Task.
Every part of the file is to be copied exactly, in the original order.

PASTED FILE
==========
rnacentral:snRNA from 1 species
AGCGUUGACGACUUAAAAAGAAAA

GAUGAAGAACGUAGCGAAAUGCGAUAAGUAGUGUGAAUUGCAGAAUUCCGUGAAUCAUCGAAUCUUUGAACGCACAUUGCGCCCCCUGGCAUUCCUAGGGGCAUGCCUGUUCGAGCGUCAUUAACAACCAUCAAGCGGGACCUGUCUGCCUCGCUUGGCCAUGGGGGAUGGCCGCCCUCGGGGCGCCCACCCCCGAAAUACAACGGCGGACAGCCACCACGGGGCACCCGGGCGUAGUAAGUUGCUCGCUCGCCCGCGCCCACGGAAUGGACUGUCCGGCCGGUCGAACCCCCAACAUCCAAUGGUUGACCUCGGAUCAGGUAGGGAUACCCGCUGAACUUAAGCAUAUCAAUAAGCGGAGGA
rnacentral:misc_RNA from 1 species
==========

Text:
rnacentral:snRNA from 1 species
AGCGUUGACGACUUAAAAAGAAAA

GAUGAAGAACGUAGCGAAAUGCGAUAAGUAGUGUGAAUUGCAGAAUUCCGUGAAUCAUCGAAUCUUUGAACGCACAUUGCGCCCCCUGGCAUUCCUAGGGGCAUGCCUGUUCGAGCGUCAUUAACAACCAUCAAGCGGGACCUGUCUGCCUCGCUUGGCCAUGGGGGAUGGCCGCCCUCGGGGCGCCCACCCCCGAAAUACAACGGCGGACAGCCACCACGGGGCACCCGGGCGUAGUAAGUUGCUCGCUCGCCCGCGCCCACGGAAUGGACUGUCCGGCCGGUCGAACCCCCAACAUCCAAUGGUUGACCUCGGAUCAGGUAGGGAUACCCGCUGAACUUAAGCAUAUCAAUAAGCGGAGGA
rnacentral:misc_RNA from 1 species